Abortion Plots On Television 'Becoming More Diverse And Accurate'
MICHEL MARTIN, HOST:
Today is the 44th anniversary of Roe v. Wade. That's the Supreme Court decision that effectively legalized abortion in the United States. Hundreds of thousands of people gathered in cities across the country yesterday to demonstrate. And part of what brought many of them there judging from their signs and social media posts and interviews clearly was their concern that access to abortion will be restricted. Meanwhile, this Friday, people who favor those restrictions on abortion will rally at the National Mall in D.C. and march to the Supreme Court in what has become an annual event, the March for Life where President Trump senior counselor Kellyanne Conway is expected to speak.
Now, the truth is most people don't go to rallies or marches on either side, but there's evidence that the long controversy about abortion rights is playing out in a different public square, a place most Americans visit. And that is primetime television. Gretchen Sisson is a sociologist at the University of California, San Francisco, who researches how abortion is portrayed on screen. And she's with us now. Welcome. Thanks so much for joining us.
GRETCHEN SISSON: Thanks for having me, Michel.
MARTIN: Now, a lot of people will remember the TV show "Maude." I understand that that was actually not the first TV show that portrayed a character as having an abortion. But it was the first that portrayed the decision in depth and in primetime. How big of an impact did that make? How big was the controversy around that?
SISSON: So the controversy was pretty big at the time, and it's important to remember that the show is set in New York. Abortion was legal in New York before Roe, and that episode aired in that window where it wasn't even legal and accessible yet nationally. "Maude" was, of course, a little bit older for a pregnant woman. And it's actually Maude's daughter that is very encouraging of her mother's abortion and says this used to be a very shameful thing, but it's legal now. It's just like going to the dentist. For the time when it aired, it was pretty radical.
MARTIN: Now, in 2015 and 2016, HBO's "Girls," "Scandal" on ABC and "Jane The Virgin" on CW all portrayed characters having abortions, so clearly it's become more commonplace as a storyline. Do these storylines still evoke that kind of controversy that "Maude" did back in the '70s?
SISSON: So I think we're starting to see a shift. If you had asked me this question two years ago, I would've said that the stories were actually pretty reminiscent of "Maude's" episode where a lot of the story is really focused on the decision-making process and how emotional and difficult that was for women.
It's become much more a matter of fact, and the stories are less about the hardship of making a decision around an abortion and more about what this potential pregnancy and what the abortion means for the woman's relationships, what it means for her career.
MARTIN: One point that you made in your research you - says that typically on television an abortion is had by a young, wealthy, white woman who has no other children. Is that the way it is in real life?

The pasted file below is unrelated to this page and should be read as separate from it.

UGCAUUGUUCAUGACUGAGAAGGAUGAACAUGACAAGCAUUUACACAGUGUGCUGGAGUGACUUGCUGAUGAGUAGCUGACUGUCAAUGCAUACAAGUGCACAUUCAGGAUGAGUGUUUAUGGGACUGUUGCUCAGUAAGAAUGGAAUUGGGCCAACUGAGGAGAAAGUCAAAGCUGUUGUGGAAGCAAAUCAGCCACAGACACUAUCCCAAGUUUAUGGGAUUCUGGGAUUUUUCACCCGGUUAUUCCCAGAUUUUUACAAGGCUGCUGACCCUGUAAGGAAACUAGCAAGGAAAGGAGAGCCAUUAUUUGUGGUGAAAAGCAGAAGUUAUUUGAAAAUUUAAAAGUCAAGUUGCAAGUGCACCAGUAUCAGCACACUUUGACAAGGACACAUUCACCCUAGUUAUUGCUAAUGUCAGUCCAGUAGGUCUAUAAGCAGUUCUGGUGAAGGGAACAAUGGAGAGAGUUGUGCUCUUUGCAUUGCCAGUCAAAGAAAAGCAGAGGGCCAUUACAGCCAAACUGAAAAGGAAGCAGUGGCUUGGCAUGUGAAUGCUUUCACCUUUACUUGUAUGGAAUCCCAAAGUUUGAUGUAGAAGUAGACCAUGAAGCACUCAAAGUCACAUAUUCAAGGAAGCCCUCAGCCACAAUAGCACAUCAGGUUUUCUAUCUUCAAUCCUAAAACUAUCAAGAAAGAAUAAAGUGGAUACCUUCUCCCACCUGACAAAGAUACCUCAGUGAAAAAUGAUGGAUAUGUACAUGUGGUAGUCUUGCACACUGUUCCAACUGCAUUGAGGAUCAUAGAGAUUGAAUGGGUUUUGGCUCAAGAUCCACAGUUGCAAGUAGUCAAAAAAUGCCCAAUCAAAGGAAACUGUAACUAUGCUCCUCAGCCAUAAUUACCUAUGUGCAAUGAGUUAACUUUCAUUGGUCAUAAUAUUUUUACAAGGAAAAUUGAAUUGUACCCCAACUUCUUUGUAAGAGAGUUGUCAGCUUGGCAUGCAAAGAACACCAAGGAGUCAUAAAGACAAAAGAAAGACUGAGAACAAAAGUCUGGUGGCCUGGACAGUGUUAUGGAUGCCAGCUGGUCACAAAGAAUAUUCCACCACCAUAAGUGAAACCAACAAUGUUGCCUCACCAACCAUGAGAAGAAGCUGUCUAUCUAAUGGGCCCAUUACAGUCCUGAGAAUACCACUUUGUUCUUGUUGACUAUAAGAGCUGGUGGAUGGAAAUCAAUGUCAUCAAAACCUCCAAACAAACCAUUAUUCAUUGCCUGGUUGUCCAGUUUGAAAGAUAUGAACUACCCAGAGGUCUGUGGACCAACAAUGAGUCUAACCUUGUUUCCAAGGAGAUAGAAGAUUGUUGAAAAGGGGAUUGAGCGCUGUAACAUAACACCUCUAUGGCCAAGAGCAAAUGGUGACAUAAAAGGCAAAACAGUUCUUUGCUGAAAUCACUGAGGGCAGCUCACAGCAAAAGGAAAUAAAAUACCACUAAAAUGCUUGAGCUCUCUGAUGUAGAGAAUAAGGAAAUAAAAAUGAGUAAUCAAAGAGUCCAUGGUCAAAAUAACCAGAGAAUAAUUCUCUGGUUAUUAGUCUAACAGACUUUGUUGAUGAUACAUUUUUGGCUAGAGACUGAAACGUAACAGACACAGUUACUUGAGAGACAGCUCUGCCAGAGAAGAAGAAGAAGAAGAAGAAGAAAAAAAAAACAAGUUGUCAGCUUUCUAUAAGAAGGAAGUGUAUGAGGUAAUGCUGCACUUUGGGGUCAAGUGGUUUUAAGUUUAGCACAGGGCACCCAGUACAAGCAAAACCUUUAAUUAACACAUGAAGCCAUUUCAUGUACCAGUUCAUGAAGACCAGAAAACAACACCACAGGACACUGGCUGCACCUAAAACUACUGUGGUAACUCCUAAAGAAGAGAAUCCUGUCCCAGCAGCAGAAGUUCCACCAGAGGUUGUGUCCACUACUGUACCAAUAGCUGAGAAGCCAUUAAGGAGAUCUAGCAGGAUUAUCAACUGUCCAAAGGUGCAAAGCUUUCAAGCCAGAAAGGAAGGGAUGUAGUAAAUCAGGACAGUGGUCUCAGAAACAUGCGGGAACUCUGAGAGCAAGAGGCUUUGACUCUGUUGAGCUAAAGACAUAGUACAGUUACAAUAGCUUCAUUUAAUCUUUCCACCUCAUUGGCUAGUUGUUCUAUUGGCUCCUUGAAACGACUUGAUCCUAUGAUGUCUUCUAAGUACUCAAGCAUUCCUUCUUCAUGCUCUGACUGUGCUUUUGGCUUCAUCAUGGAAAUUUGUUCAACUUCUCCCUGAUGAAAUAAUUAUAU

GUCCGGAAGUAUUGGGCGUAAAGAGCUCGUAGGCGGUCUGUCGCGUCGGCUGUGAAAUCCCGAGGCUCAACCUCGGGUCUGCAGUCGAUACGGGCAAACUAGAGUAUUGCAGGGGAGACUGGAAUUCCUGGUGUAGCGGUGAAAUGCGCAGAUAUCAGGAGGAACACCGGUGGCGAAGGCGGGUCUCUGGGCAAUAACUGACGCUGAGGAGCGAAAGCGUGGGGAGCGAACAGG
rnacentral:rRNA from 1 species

SISSON: No. It's certainly not the way it is in real life. That experience isn't inaccurate. For many women, that's their reality. But we know a couple of things. Most women in the U.S. who get abortions are women of color. Most women who get abortions in the U.S. are already parenting and raising children. And until very recently, I would say their stories were largely undepicted (ph) on television.
MARTIN: Would people who believe that abortion is a profound moral dilemma - would they find depictions of that on screen today?
SISSON: I think we are seeing that balance, but in different ways than we used to. So, for example, on "Jane The Virgin," Xio's abortion is handled very straight-forwardly. We find out about it after the fact. And then the story is less about her decision to get the abortion and more about her disclosing that abortion to her mother who she believes will be opposed. So they sort of have that conversation in a different space.
MARTIN: If people watch television, whichever side they're on, are they likely to see their reality, their point of view reflected in what they see on television?
SISSON: I think the stories we're starting to see on television are becoming more diverse and thus more accurate. I also think that if you are in favor of abortion rights and you're looking ahead to the next four years and feeling like little policy progress is going to be made in support of abortion access, then the cultural sphere including television offers something more to move forward with, to change the way people are thinking and talking about abortion in those spaces.
MARTIN: Gretchen Sisson is a research sociologist at the think tank Advancing New Standards in Reproductive Health or ANSRH at the University of California, San Francisco. We reached her in San Francisco. Professor Sisson, thank you so much for speaking with us.
SISSON: Thank you.
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